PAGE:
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Try us out with a Staycation

EPM-1BedroomDetermining how – and where – you want to spend your future is one of the most important decisions you’ll ever make. We can tell you the many reasons why seniors choose Emporia Presbyterian Manor, but there’s only one way to know what it’s really like to live here.

At Emporia Presbyterian Manor, there are many benefits that can help you live happier and healthier – a maintenance-free residence and social atmosphere filled with activities like our Art is Ageless® and Just Ask Lifelong Learning programs. Plus, healthy dining, wellness options and convenient access to on-site health services.

Join us for a free Staycation and find out! Sample the dining, meet friendly neighbors and staff, ask questions and join in the fun. You’re free to participate as much or as little as you like.

Your Staycation includes:

  • A hospitality basket from the Presbyterian Manor family
  • Free accommodations for up to three days
  • Personalized tour of our community
  • Admission to on-site activities and programs of your choice during your stay
  • Three meals per day in our dining room with resident hosts
  • Complimentary wellness evaluation

All Staycations must be scheduled in advance. Contact Marketing Director, Ken Hanson, at 620-343-2613 for more information or to schedule your Staycation.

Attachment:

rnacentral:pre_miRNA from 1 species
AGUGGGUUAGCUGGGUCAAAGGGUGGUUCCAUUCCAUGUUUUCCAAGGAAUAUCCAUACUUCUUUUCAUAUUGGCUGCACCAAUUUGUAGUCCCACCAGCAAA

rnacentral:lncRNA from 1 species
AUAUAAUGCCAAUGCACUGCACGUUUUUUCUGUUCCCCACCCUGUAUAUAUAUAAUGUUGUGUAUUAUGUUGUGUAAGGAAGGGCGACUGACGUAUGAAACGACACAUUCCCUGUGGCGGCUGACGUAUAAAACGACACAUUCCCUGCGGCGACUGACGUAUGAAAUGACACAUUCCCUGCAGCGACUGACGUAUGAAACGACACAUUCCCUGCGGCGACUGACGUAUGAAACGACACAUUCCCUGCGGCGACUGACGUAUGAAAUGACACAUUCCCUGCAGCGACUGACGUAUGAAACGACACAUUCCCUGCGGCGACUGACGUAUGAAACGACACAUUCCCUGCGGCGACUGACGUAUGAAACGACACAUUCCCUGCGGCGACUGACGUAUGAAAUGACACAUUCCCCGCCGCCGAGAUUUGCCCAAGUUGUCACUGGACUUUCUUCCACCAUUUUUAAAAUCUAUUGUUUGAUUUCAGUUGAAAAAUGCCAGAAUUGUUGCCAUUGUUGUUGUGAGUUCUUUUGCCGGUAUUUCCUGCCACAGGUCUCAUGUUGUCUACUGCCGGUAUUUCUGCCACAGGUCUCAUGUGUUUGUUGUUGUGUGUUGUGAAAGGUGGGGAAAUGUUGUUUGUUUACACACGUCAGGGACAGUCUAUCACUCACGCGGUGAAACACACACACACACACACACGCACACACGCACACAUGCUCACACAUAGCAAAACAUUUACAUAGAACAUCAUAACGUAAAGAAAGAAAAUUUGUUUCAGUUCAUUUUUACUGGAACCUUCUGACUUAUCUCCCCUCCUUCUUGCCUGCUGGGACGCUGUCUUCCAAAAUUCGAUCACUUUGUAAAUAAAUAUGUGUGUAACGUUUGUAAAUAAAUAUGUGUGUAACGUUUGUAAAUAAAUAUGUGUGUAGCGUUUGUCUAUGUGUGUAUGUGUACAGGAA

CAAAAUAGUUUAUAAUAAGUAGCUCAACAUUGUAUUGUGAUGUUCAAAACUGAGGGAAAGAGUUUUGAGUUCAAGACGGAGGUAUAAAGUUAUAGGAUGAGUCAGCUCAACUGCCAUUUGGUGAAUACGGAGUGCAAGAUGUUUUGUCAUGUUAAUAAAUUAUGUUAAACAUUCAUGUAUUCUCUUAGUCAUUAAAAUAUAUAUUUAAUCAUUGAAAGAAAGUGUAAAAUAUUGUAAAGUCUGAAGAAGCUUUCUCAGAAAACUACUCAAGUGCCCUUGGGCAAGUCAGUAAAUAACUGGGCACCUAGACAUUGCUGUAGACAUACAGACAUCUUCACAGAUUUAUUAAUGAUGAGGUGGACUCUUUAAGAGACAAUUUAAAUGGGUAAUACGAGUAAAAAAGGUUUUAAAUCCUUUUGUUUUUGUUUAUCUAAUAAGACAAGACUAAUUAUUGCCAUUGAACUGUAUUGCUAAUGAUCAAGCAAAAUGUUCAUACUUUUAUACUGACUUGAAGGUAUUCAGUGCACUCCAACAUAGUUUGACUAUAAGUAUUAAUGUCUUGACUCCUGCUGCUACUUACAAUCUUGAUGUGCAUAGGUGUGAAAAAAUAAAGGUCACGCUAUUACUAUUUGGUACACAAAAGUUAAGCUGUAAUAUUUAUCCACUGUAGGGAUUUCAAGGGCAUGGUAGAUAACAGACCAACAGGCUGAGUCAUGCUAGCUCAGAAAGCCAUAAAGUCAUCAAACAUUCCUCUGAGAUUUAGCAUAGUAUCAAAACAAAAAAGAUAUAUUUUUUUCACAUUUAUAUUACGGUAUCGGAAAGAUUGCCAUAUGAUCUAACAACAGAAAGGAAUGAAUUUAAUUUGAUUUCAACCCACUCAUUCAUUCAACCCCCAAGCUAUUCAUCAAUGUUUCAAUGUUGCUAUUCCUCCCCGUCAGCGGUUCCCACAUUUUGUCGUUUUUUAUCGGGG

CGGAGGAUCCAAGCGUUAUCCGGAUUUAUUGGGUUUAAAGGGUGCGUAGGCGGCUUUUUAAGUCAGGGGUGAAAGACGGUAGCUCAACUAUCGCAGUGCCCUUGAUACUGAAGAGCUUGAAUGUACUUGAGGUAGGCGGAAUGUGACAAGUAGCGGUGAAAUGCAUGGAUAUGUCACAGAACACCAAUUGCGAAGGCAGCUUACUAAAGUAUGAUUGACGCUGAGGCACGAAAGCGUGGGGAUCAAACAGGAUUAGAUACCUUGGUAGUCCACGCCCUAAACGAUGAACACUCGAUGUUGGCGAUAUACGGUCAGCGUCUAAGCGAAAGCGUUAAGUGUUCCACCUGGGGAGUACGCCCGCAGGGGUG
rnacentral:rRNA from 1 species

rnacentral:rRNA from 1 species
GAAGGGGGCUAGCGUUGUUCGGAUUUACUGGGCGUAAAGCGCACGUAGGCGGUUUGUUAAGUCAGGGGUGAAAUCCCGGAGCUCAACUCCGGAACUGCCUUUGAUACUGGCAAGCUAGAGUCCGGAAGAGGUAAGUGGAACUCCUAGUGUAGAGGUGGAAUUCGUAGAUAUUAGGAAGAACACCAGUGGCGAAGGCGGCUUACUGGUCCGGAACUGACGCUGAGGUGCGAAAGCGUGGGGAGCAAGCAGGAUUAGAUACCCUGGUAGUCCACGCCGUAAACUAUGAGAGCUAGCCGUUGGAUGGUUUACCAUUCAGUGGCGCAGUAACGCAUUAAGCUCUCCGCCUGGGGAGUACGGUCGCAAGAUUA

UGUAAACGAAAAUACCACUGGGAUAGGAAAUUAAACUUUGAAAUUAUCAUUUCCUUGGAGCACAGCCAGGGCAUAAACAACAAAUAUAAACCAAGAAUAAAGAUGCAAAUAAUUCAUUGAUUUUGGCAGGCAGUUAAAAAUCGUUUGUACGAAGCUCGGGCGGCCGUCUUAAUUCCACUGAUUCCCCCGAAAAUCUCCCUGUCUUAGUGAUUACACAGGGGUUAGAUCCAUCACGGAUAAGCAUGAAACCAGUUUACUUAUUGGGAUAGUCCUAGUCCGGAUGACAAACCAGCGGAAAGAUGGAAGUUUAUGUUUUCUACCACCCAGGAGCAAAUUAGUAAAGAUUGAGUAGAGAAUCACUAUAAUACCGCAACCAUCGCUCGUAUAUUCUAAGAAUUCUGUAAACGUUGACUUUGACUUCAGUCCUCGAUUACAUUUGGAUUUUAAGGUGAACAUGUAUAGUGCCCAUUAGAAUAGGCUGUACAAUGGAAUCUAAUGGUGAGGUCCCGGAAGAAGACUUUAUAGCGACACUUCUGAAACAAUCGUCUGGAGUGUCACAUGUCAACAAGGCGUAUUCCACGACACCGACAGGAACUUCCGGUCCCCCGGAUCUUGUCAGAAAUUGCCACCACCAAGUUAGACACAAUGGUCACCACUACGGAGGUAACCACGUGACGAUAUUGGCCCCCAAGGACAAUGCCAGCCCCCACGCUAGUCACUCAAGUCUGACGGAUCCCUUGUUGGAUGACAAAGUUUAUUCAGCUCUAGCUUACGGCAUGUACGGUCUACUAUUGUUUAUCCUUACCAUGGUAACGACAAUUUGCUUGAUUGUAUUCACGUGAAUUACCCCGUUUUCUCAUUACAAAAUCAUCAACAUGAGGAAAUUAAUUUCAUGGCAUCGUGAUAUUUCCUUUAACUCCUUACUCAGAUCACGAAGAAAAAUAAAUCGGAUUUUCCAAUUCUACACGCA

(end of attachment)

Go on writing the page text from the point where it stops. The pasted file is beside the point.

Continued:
Senior bank accounts: Should you get one?

4 ways to size them up before you sign up

By Margarette Burnette for Next Avenue


It isn’t hard to figure out why some banks and credit unions offer special checking accounts for customers they call “seniors.” Once they establish banking relationships this way, they can try to entice the new accountholders with savings accounts, loans and retirement accounts.

But is a “senior” checking account (generally restricted to people over 60 or 65, though sometimes available to people 50 and up) a good deal for you? That depends.

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Common myths of hospice debunked

Five things you may think about hospice that aren’t true

By Jacob Edward for Next Avenue


In the past 40 years, attitudes towards death and dying in America and much of the rest of the world have slowly changed. The hospice movement has grown considerably and now constitutes its own segment of the health care system. Prior to hospice, people often died alone, in institutional settings like hospitals.

While some people still pass away without their loved ones around them, many are choosing to receive palliative care at home as a way to make the end of their lives as comfortable and rewarding as possible. But there are still many common misconceptions about hospice. Nobody likes to dwell on the subject of death, so people are naturally reluctant to study what hospice care is until they are in need of hospice services.

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A smart way to curb senior loneliness

In this program, old and young people connect with one another

By Rachel Adelson for Next Avenue


“Take two friendships and call me in the morning.”

That’s what Dr. Paul Tang, an internist and national expert on health care quality, would like to tell aging patients. He, and other doctors like him, view social engagement as a treatment for a very modern ill: loneliness.

Tang divides his time between Washington, D.C. (where he influences health care policy) and the David Druker Center for Health Systems Innovation (he’s the director). Tang has developed a cross-generational program meant to get people of all ages helping and connecting with one another. Called linkAges, the centerpiece of the program is a community-based service exchange in the form of a volunteer time bank. The service is being tested in California, with hopes that it’ll soon expand elsewhere.